Archive for June 28th, 2008

Saturday, 28.6.2008: Stop Abuse of Cambodian Brides; Khmer Ambassador to South Korea: Cambodian Women Are Not Goods

Posted on 28 June 2008. Filed under: Week 566 |

The Mirror, Vol. 12, No. 566

“Phnom Penh: In recent years, Cambodian women had married foreign men and they were often abused in many different ways, such as through trafficking and exploitation. After many women had married to Taiwan, Cambodian women started to marry to South Korea, and some are being mistreated by their husbands and families. That is why the Cambodian Ambassador to South Korea reacted strongly that Cambodian women are not goods, and he asked to stop the abuse of Cambodian brides.

“Mr. Lim Samkol, Cambodian ambassador to South Korea, spoke to the Korea Times – and his words were published early this month – asking South Korean citizens to accept Cambodian brides as new members of their families, and he asked them to try to understand and forgive them for some expressions of culture shock.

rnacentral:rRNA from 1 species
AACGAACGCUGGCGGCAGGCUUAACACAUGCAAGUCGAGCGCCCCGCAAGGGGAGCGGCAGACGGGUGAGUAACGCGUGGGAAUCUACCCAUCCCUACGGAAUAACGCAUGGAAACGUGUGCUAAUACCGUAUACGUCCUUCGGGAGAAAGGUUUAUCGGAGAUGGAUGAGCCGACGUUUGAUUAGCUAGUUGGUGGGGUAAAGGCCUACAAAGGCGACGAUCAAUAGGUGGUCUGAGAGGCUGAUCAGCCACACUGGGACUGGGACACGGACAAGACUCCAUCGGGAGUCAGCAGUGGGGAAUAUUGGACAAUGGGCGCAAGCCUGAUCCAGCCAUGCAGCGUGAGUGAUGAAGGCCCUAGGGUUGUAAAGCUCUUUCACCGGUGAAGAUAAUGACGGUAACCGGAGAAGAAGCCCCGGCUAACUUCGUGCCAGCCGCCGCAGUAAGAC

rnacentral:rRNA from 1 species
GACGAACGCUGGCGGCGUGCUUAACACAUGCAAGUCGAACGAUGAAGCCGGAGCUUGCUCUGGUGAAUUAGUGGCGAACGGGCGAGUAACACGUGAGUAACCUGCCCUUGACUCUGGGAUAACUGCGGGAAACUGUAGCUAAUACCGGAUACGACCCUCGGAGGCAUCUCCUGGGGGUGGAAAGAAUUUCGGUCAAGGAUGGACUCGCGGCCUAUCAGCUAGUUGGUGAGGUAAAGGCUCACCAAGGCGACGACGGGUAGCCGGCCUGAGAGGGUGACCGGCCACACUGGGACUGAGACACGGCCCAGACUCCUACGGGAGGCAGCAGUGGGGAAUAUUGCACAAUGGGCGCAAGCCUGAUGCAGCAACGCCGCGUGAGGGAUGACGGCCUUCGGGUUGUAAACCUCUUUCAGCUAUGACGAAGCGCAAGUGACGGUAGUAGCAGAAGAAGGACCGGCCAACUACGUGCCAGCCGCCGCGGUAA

“He said that Cambodian women are not goods. He said so, because most Cambodian women who got married to live in South Korea were married after Korean men had spent money to arrange these marriages.

“Previously Mr. Han Kuk-Yom, the president of the Women Migrant Human Rights Center, had told the New York Times that that government does not guarantee to protect the rights of the Korean men’ wives who are immigrants or to protect them from mistreatment. He said that Korean men believe that they are allowed to mistreat their wives, because they had spent much money to the tourist companies or for the marriage arrangement; and they always look down on women from poor countries.

“Mr. Han Kuk-Yom said, ‘Three years ago, women were taught before they were sent to Korea, but now they did not get much education, so they need to spend much time to grow accustomed to their lives in Korea, such as learning Korean and other traditions.